Fargo Representative testifies before U.S. House subcommittee regarding Missing and Murdered Indigenous People

Pictured: Representative Ruth Buffalo (D-ND-27).(Photo: Office of Rep. Ruth Buffalo)

Lack of data on Missing and Murdered Indigenous People is one of the reasons Representative Buffalo chose to speak before the subcommittee

News Release

Office of Representative Ruth Buffalo (D-ND-27)

Representative Ruth Buffalo (D-ND) testified on March 14, 2019, before the Subcommittee for Indigenous Peoples of the United States on the subject of the crisis of Missing and Murdered Indigenous Women (MMIW). Representative Buffalo is a citizen of the Mandan, Hidatsa, and Arikara Nation and represents District 27 in south Fargo.

Representative Buffalo highlighted legislation she has sponsored in the 66th Legislative Assembly that would improve law enforcement training (HB 1311), address the growing problem of human trafficking in the state (HB 1507), and create a missing persons database (HB 1313) as well as studying challenges in data reporting for Missing and Murdered Indigenous People and human trafficking cases (HCR 3056). She also lent support for the federal Savanna’s Act, named after Savanna Lafontaine-Greywind of the Spirit Lake Nation (HCR 3041). 

“The epidemic of Missing and Murdered Indigenous People has left many of our communities throughout North Dakota and country on high alert,” said Representative Buffalo. “From the horrendous crime committed in the murder of Savanna Lafontaine-Greywind, a young Indigenous mother who was eight months pregnant, to our Indigenous men who go missing.”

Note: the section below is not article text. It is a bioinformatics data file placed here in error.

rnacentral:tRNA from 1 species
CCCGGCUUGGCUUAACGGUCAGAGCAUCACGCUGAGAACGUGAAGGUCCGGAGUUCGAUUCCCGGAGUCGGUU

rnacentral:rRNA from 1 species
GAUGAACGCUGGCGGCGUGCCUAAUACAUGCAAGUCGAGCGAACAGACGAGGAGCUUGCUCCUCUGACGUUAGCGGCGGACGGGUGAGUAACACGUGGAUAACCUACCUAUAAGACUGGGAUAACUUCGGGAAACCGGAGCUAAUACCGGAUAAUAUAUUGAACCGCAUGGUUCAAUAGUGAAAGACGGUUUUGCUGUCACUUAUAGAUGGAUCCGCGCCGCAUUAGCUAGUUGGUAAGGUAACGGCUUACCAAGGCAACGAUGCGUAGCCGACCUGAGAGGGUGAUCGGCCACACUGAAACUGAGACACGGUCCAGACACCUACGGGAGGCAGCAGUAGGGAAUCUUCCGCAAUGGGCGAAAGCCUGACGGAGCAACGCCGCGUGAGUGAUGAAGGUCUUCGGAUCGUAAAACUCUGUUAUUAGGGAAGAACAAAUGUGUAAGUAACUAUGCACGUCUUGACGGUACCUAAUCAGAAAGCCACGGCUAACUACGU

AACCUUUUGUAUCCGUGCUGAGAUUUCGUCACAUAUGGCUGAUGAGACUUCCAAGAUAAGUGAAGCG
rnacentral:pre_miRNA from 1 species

Representative Buffalo testified that the lack of data on Missing and Murdered Indigenous People is one of the reasons she chose to speak before the subcommittee. “Without data, there is no clear evidence that a problem even exists,” Representative Buffalo said. “It is essential for accurate data reporting and for swift action to be taken by authorities when people go missing.” She also said certain stereotypes and biases regarding Indigenous people could be affecting law enforcement responses, making the need for additional law enforcement training essential. 

Representative Buffalo gave the committee several recommendations for solutions on this problem. 

  • Focus on prevention and justice 
  • Improve law enforcement response times
  • Provide for data collection that will help secure additional resources for law enforcement agencies
  • Include language regarding Missing and Murdered Indigenous People within the missions of federal agencies, including the Office on Violence Against Women (OVW) and the Office for Victims of Crime (OVC)
  • Look at the pleadings in criminal cases in the prevention of further Missing and Murdered Indigenous Women cases
  • Ensure all local city, county, state and tribal agencies are working together

“This is a national crisis both within and without Indian Country. I believe through the passage of Missing and Murdered Indigenous Women legislation and comprehensive laws we are sending a strong message to predators which will further deter tragic outcomes, and move towards keeping our people safer. There cannot be – there must not be – any more stolen sisters.”

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